“Dude, my girlfriend says she’s totally going to dump me unless I clean up this place and start using a pore-refining moisturizer,” Bob moans.
“Well, it sounds like you’re dating a controlling bitch,” Mike says. “I’m thinking that’s your main problem.”
“Mike’s right,” I say. “Wouldn’t you rather spend your time with someone who likes you the way you are?”
Bob brightens. “Yeah . . . yeah, I would! Screw her!”
Mike and I smile beatifically. “Why don’t you let Mike take you to a sports bar?” I ask. “I’ll stay here and see if I can’t make this place a little more comfortable. How does that sound?”
Bob resists, until Mike points out that sports bars are where all the fun-loving, open-minded girls hang out. Once they’re out the door, I get to work on the apartment. Several hours pass, represented by a musical interlude and some nifty camera angles.
Mike and a happily intoxicated Bob return, along with Bob’s new girlfriend Candi, a dental hygienist with a penchant for surgical augmentation who hopes to one day “You know, model and stuff.”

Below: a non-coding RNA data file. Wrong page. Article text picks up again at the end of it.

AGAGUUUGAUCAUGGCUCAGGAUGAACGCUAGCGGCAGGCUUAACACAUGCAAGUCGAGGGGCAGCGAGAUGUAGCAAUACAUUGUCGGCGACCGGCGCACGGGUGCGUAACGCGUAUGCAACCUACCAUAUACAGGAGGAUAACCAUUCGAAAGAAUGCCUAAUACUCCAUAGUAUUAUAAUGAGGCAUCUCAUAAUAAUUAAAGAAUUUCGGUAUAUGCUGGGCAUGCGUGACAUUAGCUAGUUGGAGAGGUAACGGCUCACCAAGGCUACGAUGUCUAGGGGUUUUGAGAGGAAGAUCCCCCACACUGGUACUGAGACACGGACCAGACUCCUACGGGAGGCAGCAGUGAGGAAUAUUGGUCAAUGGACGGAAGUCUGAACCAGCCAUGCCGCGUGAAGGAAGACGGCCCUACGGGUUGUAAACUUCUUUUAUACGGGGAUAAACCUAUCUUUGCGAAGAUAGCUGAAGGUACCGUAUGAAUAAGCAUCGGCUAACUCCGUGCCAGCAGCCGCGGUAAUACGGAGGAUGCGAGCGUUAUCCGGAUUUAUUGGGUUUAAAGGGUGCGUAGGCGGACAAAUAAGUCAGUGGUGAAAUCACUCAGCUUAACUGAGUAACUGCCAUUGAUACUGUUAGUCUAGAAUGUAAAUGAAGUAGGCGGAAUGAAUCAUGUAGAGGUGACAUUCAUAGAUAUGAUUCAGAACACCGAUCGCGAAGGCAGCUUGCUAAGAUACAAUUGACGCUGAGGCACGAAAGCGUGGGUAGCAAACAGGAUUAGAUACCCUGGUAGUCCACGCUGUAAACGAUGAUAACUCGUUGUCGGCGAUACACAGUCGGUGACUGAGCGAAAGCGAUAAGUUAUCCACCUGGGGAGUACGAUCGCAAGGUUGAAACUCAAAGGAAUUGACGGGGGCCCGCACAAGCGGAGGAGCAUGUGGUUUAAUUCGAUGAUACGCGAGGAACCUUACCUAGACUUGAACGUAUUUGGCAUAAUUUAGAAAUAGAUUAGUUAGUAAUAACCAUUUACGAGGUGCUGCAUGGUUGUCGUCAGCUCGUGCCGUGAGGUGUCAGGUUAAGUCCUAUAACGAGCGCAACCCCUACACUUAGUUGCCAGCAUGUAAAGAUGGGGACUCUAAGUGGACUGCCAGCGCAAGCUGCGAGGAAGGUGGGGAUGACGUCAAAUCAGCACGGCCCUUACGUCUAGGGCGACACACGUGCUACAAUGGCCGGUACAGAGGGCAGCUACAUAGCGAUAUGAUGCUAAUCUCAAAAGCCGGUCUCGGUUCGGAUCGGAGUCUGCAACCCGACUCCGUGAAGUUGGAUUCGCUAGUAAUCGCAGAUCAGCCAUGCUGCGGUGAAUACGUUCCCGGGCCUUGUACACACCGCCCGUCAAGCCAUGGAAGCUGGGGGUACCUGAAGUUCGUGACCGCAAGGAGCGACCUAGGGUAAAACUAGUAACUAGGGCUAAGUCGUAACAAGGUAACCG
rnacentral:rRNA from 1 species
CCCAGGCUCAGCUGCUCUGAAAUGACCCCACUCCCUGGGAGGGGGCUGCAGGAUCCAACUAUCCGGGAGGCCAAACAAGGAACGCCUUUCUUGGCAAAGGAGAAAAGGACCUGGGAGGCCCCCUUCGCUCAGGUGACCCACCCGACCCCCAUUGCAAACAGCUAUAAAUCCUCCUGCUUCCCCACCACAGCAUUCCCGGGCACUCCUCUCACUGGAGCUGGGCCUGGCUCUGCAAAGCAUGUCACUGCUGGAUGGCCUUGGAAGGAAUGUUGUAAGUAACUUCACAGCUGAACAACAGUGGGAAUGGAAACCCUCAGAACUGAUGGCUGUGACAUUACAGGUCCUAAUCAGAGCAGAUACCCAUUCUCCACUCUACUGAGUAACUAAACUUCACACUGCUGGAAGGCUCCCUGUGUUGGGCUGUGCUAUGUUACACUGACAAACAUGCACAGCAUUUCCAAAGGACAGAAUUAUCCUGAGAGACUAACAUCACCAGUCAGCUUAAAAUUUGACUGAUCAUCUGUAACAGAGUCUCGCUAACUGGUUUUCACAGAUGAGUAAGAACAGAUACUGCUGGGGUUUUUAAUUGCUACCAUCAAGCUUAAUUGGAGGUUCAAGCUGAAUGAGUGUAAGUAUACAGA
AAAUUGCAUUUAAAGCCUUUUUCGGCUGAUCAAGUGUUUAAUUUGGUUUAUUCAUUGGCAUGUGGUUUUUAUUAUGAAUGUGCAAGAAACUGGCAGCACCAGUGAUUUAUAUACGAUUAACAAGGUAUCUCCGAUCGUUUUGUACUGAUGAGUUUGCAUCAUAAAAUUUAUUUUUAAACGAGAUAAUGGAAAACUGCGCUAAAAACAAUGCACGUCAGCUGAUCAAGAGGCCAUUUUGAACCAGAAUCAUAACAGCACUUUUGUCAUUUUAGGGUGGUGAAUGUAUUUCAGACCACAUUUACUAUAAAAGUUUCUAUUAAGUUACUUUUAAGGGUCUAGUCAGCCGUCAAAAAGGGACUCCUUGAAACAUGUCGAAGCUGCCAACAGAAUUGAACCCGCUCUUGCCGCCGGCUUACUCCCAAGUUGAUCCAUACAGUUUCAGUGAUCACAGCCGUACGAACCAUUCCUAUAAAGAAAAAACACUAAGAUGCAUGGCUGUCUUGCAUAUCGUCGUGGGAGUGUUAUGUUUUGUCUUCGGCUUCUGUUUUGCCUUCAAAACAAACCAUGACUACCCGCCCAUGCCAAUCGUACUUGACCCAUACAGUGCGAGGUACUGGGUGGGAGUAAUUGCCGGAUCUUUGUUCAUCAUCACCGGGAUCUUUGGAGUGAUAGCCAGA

“Wow!” Bob exclaims, surveying his home. “It looks exactly the same!”
“Not quite,” I say, barely suppressing my pride. “Look, I covered all the piles of dirty laundry in your living room with bed sheets, see? If anyone asks, just say they’re beanbag chairs. Oh, and I put all the empty pizza boxes over here, kind of near the trashcan. You can throw them out later. If you get around to it. No pressure.”
Bob starts to tear up, and then he and Candi embrace. And then fall down, because they’re both pretty drunk by now.
Mike and I dust off our hands and congratulate one another on a job well done. We start to leave, and Bob lifts his head, looks up at us with puppy dog eyes and says, “Hey, guys? I just want you to know that I used to be really homophobic, but then I met you.”
“Gee, thanks, Bob,” we say. “And you know what? We also accept you for who and what you are.”
If that doesn’t get me an Emmy, I just don’t know what will.
Thomas Blanton suggested alternative Valentine’s Day celebrations in the February 2004 issue (“No Cupid Allowed”).